I think it is fairly clear that a meter reading relates to an individual (because it informs the amount of their bill) and that it can directly identify the individual (because typically such readings are printed directly on the bill along with the meter serial number), but that failing that it can certainly do so indirectly because the meter will be linked to the customer's account in the electricity company's records.

The Electricity Directive 2019 Article 18(1) states that:

Member States shall ensure that bills and billing information are accurate, easy to understand, clear, concise, user-friendly and presented in a manner that facilitates comparison by final customers. On request, final customers shall receive a clear and understandable explanation of how their bill was derived, especially where bills are not based on actual consumption. (emphasis added).

Article 20(f) states:

appropriate advice and information shall be given to final customers prior to or at the time of installation of smart meters, in particular concerning their full potential with regard to the management of meter reading and the monitoring of energy consumption, and concerning the collection and processing of personal data in accordance with the applicable Union data protection rules (emphasis added)

The law has clearly recognised that the installation of a smart meter triggers the "collection and processing of personal data", in particular relating to meter readings. To argue that meter readings are somehow not personal data because they not related to the individual is therefore a weak argument.

Note: I am simply addressing the applicability of the GDPR. Whether or not the OP should take this route as a practical matter is off-topic.

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  • I'd appreciate it if down voters can explain their reasoning, or provide authorities that support the opposing argument. – JBentley Apr 2 at 7:02
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    I upvoted, there seems to be surprisingly many downvotes on this question; got more than the usual share myself. IP adresses which were ruled to be a personal data by german courts, are one example of personal data that's not really associated with a person in any effective way – DRF Apr 2 at 22:08
  • I didn't downvote, but I don't think it is correct to say that you are simply addressing the legal question asked. You have described why meter readings are personal data, but the question is "Does article 16 of the GDPR supersede their policy of only allowing meter readings to be submitted within 7 days?" Also, the law does not say that bills should be "accurate particularly when they have been estimated" but rather that customers must get a clear explanation of the bill's calculation particularly when they have been estimated. – phoog Apr 3 at 17:32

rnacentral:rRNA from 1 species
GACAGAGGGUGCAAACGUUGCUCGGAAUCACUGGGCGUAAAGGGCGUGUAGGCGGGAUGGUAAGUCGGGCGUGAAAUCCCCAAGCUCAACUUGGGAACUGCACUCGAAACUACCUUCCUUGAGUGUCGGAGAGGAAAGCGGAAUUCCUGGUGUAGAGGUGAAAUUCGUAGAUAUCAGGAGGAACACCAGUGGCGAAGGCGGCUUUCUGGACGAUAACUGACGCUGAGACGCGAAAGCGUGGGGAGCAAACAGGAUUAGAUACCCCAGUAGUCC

• @phoog Thanks, I've edited in response to the first point, and deleted that line in relation to the second point as I don't think it was relevant to my answer anyway. – JBentley Apr 3 at 18:28
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Estimated meter readings are incorrect by definition

This is incorrect. An estimated meter reading is probably different from the actual meter reading at the time, but it (by definition) does not purport to reflect the actual meter reading; it is explicitly an estimate.

If the estimated meter reading is indicated as such in the data, then the data are not inaccurate. For example, if a police database records that a witness described a suspect as approximately 180 cm tall when the suspect is actually 184 cm tall, the database is nonetheless correct, because it is recording the witness's description, not the suspect's actual height.

Separately from that issue, a utility's terms of service will typically provide for billing to be based on estimated meter readings under certain conditions. If those conditions have been met, then the utility will calculate the amount due from the estimated meter reading.